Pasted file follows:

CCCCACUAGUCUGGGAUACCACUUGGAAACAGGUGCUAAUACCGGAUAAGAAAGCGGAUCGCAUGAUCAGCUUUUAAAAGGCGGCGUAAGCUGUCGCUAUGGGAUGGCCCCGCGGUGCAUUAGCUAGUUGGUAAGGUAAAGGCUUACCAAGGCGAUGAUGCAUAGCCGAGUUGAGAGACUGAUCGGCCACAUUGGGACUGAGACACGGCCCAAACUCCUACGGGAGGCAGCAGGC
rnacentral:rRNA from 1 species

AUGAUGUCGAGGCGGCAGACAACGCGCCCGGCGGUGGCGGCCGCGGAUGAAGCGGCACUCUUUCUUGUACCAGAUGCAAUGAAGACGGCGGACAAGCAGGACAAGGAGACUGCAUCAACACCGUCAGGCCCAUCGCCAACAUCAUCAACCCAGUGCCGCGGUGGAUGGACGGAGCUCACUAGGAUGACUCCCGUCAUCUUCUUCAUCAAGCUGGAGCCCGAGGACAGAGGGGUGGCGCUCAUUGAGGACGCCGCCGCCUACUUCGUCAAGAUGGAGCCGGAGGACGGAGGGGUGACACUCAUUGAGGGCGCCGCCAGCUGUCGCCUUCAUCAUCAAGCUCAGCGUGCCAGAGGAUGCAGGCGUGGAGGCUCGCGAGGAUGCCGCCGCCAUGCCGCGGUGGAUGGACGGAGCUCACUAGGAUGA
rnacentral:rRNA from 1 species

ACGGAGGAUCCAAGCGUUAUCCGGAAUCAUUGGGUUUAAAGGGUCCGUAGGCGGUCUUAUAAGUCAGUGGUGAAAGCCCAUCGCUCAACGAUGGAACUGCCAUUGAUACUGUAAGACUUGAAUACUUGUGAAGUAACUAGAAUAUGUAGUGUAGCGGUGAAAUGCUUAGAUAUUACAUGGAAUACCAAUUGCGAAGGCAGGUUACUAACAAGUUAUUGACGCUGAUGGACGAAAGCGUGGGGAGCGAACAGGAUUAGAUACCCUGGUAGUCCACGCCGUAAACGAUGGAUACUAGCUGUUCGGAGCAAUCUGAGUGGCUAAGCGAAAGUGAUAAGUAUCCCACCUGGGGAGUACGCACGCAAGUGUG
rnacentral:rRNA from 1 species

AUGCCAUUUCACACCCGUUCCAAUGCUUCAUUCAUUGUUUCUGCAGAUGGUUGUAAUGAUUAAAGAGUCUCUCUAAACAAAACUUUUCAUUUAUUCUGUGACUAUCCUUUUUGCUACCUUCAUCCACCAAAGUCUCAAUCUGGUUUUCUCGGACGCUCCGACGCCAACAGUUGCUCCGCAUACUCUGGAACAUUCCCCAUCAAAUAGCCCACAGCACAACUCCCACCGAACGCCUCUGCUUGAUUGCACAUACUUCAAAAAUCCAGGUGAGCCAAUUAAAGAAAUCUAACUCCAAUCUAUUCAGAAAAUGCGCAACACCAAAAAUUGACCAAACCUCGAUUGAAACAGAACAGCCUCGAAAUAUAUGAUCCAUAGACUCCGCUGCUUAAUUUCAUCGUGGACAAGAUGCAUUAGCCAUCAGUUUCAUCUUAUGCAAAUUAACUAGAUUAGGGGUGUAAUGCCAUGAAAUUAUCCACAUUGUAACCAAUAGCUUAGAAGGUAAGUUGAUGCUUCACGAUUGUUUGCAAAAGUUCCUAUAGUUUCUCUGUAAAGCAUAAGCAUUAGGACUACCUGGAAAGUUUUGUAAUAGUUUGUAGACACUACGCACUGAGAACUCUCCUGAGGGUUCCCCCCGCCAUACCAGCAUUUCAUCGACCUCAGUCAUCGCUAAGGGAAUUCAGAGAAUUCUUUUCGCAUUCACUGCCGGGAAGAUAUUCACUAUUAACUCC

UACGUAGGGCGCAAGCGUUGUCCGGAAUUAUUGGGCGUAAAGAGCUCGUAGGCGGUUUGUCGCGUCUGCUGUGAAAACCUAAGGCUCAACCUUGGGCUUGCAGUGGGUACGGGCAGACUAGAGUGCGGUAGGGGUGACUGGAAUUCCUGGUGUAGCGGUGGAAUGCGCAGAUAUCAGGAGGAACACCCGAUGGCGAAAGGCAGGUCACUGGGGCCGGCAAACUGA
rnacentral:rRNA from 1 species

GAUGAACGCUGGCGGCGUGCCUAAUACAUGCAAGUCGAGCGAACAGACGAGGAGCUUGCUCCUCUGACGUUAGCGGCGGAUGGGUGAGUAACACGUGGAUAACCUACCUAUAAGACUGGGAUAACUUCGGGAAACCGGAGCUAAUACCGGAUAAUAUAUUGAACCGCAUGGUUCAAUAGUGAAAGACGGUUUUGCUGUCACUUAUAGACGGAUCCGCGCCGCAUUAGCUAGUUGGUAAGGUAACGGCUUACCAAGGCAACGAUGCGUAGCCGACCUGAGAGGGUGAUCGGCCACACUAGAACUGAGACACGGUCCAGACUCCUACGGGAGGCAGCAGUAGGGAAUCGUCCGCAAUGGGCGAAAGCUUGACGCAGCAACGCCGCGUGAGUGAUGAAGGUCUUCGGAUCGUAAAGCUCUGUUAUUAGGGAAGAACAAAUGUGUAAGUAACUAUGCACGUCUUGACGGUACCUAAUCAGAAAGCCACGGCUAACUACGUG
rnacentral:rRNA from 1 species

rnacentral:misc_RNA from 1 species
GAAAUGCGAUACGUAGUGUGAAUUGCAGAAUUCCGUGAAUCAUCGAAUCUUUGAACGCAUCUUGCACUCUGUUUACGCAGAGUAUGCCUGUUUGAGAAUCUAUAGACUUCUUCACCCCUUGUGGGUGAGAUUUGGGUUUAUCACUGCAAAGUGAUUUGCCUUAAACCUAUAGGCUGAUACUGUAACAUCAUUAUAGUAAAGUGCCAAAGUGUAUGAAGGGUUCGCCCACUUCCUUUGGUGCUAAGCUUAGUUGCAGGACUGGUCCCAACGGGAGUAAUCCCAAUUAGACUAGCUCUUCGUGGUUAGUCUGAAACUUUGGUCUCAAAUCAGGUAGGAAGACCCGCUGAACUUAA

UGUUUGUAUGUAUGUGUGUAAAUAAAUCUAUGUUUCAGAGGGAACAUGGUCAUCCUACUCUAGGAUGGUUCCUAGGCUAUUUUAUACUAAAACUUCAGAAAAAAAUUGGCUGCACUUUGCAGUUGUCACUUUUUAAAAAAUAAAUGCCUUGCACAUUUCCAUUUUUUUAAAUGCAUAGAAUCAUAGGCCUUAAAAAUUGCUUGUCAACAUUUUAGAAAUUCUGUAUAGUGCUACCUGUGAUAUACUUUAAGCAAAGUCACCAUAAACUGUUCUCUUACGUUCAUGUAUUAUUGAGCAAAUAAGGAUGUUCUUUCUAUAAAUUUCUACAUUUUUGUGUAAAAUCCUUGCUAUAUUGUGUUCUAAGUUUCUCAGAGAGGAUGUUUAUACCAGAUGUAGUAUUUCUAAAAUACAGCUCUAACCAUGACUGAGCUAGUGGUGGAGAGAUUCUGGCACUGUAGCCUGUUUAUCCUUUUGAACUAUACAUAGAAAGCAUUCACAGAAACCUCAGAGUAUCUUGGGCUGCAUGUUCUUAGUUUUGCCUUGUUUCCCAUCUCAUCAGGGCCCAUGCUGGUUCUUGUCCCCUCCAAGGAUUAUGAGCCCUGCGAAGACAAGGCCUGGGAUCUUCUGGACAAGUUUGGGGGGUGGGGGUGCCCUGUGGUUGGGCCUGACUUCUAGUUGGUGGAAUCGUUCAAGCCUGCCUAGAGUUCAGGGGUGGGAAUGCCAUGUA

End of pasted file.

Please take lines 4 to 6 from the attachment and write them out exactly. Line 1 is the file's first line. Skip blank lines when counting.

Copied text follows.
rnacentral:rRNA from 1 species

ACGGAGGAUCCAAGCGUUAUCCGGAAUCAUUGGGUUUAAAGGGUCCGUAGGCGGUCUUAUAAGUCAGUGGUGAAAGCCCAUCGCUCAACGAUGGAACUGCCAUUGAUACUGUAAGACUUGAAUACUUGUGAAGUAACUAGAAUAUGUAGUGUAGCGGUGAAAUGCUUAGAUAUUACAUGGAAUACCAAUUGCGAAGGCAGGUUACUAACAAGUUAUUGACGCUGAUGGACGAAAGCGUGGGGAGCGAACAGGAUUAGAUACCCUGGUAGUCCACGCCGUAAACGAUGGAUACUAGCUGUUCGGAGCAAUCUGAGUGGCUAAGCGAAAGUGAUAAGUAUCCCACCUGGGGAGUACGCACGCAAGUGUG
rnacentral:rRNA from 1 species